Data from: Spatiotemporal variability in the structure of seagrass meadows and associated macrofaunal assemblages in southwest England (UK): using citizen science to benchmark ecological pattern
Smale, Dan A.; Epstein, Graham; Parry, Mark; Attrill, Martin J. (2019), Data from: Spatiotemporal variability in the structure of seagrass meadows and associated macrofaunal assemblages in southwest England (UK): using citizen science to benchmark ecological pattern, Dryad, Dataset, https://doi.org/10.5061/dryad.r06g604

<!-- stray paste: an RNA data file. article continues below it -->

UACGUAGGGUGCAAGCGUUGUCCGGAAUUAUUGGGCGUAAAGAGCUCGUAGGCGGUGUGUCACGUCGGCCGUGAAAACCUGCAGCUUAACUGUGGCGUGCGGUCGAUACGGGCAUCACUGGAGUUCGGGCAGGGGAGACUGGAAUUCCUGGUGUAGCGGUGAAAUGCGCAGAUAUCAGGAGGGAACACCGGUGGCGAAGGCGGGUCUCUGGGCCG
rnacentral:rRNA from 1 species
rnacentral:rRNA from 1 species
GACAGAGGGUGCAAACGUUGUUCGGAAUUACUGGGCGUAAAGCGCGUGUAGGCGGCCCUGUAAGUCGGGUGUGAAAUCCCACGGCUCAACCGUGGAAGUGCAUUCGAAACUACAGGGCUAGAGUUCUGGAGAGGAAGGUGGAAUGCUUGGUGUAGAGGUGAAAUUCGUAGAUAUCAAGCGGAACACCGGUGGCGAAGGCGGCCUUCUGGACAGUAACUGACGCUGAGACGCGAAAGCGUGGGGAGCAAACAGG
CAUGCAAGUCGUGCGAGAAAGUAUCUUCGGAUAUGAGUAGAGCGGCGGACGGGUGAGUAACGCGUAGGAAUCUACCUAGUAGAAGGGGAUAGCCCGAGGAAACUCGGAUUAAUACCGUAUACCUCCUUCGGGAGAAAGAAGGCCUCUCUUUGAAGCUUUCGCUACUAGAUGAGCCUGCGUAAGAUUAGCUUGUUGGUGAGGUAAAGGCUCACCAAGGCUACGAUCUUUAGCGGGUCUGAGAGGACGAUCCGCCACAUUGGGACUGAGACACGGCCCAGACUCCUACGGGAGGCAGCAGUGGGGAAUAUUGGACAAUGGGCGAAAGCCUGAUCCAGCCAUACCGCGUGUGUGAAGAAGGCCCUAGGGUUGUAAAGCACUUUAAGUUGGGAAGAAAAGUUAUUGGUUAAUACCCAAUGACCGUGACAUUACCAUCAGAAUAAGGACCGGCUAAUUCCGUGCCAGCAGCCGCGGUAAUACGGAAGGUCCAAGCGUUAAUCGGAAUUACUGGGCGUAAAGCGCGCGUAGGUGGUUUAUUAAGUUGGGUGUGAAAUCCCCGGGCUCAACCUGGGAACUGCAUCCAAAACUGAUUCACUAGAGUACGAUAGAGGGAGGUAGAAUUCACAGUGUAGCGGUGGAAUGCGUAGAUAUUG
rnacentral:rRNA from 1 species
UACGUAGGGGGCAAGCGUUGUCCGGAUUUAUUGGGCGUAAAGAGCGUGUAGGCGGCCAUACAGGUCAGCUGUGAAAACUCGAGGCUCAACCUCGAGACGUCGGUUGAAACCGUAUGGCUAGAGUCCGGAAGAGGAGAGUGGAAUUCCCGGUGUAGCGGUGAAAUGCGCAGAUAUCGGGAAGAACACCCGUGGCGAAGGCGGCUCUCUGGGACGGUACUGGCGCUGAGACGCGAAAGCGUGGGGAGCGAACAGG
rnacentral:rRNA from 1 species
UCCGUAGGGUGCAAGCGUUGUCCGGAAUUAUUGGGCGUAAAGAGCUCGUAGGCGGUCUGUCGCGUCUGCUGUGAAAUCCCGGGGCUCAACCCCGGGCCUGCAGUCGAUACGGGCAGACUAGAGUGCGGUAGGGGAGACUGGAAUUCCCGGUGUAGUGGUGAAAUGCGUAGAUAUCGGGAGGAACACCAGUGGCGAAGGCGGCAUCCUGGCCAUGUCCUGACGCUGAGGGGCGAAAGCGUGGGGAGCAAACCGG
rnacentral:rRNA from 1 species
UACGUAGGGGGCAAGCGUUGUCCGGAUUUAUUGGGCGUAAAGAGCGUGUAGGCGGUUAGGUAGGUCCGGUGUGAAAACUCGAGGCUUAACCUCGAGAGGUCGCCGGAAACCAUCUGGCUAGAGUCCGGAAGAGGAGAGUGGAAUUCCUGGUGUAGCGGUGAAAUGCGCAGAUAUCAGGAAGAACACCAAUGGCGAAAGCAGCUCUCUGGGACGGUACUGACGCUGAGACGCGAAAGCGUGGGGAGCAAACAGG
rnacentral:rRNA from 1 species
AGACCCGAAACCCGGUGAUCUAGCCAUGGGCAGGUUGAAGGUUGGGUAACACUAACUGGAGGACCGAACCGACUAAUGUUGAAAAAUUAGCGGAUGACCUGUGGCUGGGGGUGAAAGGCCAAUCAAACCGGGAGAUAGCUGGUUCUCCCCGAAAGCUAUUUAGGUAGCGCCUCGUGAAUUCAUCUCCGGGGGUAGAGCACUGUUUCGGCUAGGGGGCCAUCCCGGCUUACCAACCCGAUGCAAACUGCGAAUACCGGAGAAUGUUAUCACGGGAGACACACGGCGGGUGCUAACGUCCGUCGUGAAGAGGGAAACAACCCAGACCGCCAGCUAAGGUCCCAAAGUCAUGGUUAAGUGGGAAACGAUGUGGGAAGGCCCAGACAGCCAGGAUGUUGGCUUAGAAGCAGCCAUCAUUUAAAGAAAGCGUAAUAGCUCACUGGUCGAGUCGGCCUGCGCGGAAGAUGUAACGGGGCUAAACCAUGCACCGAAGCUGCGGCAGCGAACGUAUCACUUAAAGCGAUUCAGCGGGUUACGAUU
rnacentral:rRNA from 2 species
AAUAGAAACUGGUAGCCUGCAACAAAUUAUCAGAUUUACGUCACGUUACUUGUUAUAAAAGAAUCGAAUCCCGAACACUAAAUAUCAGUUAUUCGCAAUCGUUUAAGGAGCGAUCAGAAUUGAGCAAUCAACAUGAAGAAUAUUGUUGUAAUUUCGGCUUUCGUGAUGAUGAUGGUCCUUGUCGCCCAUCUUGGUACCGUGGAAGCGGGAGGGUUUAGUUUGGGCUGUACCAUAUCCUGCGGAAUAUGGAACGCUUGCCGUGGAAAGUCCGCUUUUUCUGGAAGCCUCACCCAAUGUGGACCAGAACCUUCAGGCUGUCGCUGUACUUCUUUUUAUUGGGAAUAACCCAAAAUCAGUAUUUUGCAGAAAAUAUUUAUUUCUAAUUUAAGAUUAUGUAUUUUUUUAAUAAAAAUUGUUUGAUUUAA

Seagrass meadows underpin a variety of ecosystem services and are recognised as globally important habitats and a conservation priority. However, seagrass populations are currently impacted by a range of biotic and abiotic stressors, and many are in decline globally. As such, improved understanding of seagrass populations and their associated faunal assemblages is needed to better detect and predict changes in the structure and functioning of these key habitats. Here, we analysed a large dataset -collected by recreational scuba divers volunteering on a citizen science project - to examine spatiotemporal patterns in ecological structure and to provide a robust and reliable baseline against which to detect future change. Seagrass (Zostera marina) shoot density and the abundance of associated faunal groups was quantified across 2 years at 19 sites nested within 3 locations in southwest UK, by collecting in situ quadrat samples (2518 in total) during 328 dives. Seagrass shoot density and meadow fragmentation was comparable across locations but was highly variable amongst sites. Faunal abundance and assemblage structure varied between areas with or without seagrass shoots; this pattern was largely consistent between locations and years. Overall, increased seagrass density was related to increased faunal abundance and explained shifts in faunal assemblage structure, although individual faunal groups were affected differently. More broadly, our study shows that well-funded and orchestrated citizen science projects can, to some extent, gather fundamental information needed to benchmark ecological structure in poorly-studied nearshore marine habitats.